It has been eight years since Dan Auerbach released a solo album, and he’s back with a very collaborative release, “Waiting on a Song.” Recorded in his own studio and on his own label, the album features John Prine, Duane Eddy, Mark Knopfler of Dire Straits, and more.
Radio Milwaukee recently spoke with Auerbach about his new studio and how relocating to Nashville has shaped his process. His upcoming album, “Waiting on a Song,” is slated for a June 2 release from Easy Eye Sound.
You can also watch the new video for the single, “King of a One Horse Town,” released today.
Hi Dan, how are ya?
Good, how are you doing?
Are you having a marathon of calls right now?
Actually, I’m having an Italian sandwich. I was just saying to my manager, this is probably a very healthy way to eat. Take two bites, walk around for five minutes on the phone, come back, take two more bites…
Congrats, you’ve got your new solo album and it’s on your own label.
I love that it’s your solo album, but it’s so collaborative. You’ve got so many people involved in it. John Prine, Duane Eddy, Mark Knopfler… has collaboration become easier since you moved to Nashville?
Oh yeah. I mean, the only person I could collaborate with in Akron was the guy who bagged my groceries at the grocery store. I think when you’re in Nashville, you can’t throw an Italian sandwich and not hit a guitar player.
And the guy that made your Italian sandwich is a guitar player.
And probably a way better guitar player than me! That’s the thing. Everyone here is a better Telecaster player than I am. But, it’s Music City. People come here just to play music. I’ve been fortunate enough to meet some of my heroes in town; people like Duane Eddy and John Prine, Del McCoury. But I also get to work with them and meet some of the younger people who call this city their home. It’s kind of an amazing community.
...in Nashville, you can’t throw an Italian sandwich and not hit a guitar player.
Now you’re in this hotbed. I love your work as a producer, you’re part of these albums that define the artists you work with. I wonder if that’s what brought you to start Easy Eye Sound?
I think that, yeah, it definitely was. For years I’ve been making records for people and then giving them to labels to put out. I just thought it was time to take that next step to make the records and put them out myself. Over the years I’ve met this great network of people that can help me do that. I’m taking full advantage of it now for the first time.
You’ve got all these different people on this record, “Waiting on a Song,” but it still has a consistent sound. I’m assuming that’s the “Auerbach sound?”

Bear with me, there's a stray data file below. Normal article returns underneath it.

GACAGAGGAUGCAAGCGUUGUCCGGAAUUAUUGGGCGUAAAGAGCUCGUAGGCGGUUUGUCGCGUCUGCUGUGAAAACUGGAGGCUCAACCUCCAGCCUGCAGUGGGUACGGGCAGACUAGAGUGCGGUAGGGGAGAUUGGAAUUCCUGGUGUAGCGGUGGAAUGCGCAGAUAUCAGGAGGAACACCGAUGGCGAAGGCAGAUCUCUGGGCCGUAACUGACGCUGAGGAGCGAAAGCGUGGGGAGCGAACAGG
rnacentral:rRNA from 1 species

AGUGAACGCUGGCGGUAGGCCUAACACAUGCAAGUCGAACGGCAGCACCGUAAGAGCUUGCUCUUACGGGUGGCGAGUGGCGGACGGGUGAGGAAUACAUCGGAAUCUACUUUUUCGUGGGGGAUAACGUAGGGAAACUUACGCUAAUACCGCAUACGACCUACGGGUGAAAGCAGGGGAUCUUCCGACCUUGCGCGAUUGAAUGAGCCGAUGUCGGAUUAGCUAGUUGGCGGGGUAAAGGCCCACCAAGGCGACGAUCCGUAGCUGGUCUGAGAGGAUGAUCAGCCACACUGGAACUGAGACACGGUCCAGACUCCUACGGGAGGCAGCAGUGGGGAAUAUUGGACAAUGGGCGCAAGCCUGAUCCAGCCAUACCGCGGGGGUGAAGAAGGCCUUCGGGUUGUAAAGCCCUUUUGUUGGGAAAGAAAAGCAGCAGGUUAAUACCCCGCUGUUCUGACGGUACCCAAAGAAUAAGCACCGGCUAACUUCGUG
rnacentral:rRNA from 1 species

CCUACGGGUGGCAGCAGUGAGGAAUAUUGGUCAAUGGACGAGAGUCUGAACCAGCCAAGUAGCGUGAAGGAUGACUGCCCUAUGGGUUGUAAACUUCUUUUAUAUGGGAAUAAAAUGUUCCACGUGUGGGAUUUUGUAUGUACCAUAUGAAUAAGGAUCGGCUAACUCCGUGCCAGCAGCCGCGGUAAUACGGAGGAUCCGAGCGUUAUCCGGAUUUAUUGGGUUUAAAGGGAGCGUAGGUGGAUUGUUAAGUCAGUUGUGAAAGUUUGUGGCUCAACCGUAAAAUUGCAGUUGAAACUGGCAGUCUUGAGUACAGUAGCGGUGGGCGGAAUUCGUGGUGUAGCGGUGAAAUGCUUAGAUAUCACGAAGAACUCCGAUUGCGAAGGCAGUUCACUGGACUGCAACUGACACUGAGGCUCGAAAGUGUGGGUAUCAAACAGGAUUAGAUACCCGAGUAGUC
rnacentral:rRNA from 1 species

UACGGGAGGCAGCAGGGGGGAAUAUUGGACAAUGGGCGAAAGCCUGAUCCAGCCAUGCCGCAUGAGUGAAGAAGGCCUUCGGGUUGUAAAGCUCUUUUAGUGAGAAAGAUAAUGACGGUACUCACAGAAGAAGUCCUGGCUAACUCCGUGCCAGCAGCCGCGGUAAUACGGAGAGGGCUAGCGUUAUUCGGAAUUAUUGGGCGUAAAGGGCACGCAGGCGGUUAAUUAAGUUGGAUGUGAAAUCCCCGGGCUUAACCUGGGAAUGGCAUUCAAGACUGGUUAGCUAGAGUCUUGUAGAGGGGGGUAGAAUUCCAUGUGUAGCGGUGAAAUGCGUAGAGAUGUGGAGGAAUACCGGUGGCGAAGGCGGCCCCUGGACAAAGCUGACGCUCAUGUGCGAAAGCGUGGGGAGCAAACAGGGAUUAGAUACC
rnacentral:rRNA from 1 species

These people on the record have sort of become my crew and when I’m working with an artist that doesn’t have a band, these are the people that I call in. They’re really capable of doing anything and every day is different and they’re very creative people. Some of these guys have made some of my favorite records of all time. You know? And that’s sort of what we have in common, everyone who is on my record, what they love most of all is being in the studio and creating. That’s sort of why we get along so well.
I saw the documentary about the Wrecking Crew and it really made me pine for that era, of this sound. It sounds like that’s something you’re building there.
I feel like that’s what I’ve been building, yeah. I have a studio that has its own sound, and the gear is different than anyone else’s studio and I’ve got a crew now that’s consistent, that’s always here, and is used to working here. All my instruments have been set up now for years, and they don’t move. All my musicians come here empty-handed because they just use what’s here. It’s just starting to have its nice little brew going on here.
You’ve got your signature sound. The “Easy Eye Sound.”
Yeah, it’s the Easy Eye Sound.
Does it boil down to the equipment you’re using?
No, it’s everything. It’s not equipment. Although, I spend a lot of time and effort and a lot of my money buying equipment, but at the end of the day it’s about the musicians in the room, really. More than anything.
How did that come together?
Well, I’ve been making records for years and using musicians that I pick. When I worked with Lana [Del Rey], I picked all the musicians. When I worked with Dr. John, I picked all the musicians. So, that’s just how it’s been for me.
Now I’ve just found people who are local, and that I’m used to working with, and we’ve worked up this close relationship.
I saw that you had an 8-track release…
And it sold out!
… you’ve got this really cool vintage aesthetic in your artwork, and on your website, and you’re collaborating with classic Nashville icons, but listening to it, it’s not a carbon-copy throwback, it’s still really fresh. I was wondering if that was a conscious choice?
Yeah, I hate retro. I hate people that are just solely retro. I think that’s just like playing dress-up. You know what I mean? I do love old music, but I’ve been so inspired by these guys I’ve been working with, and they’ve made records that are timeless and sort of impossible to define. Like, Bobby Wood and Gene Chrisman play on this record. They played on “Son of a Preacher Man” by Dusty Springfield. “In the Ghetto” and “Suspicious Minds” by Elvis Presley. “Sweet Caroline” by Neil Diamond. It’s really hard to define what they actually are; do you know what I mean? They’re sort of a mixture of all these great American musical forms, and I guess that’s what we’re doing here. Sort of a continuation of what these guys have been doing their whole lives.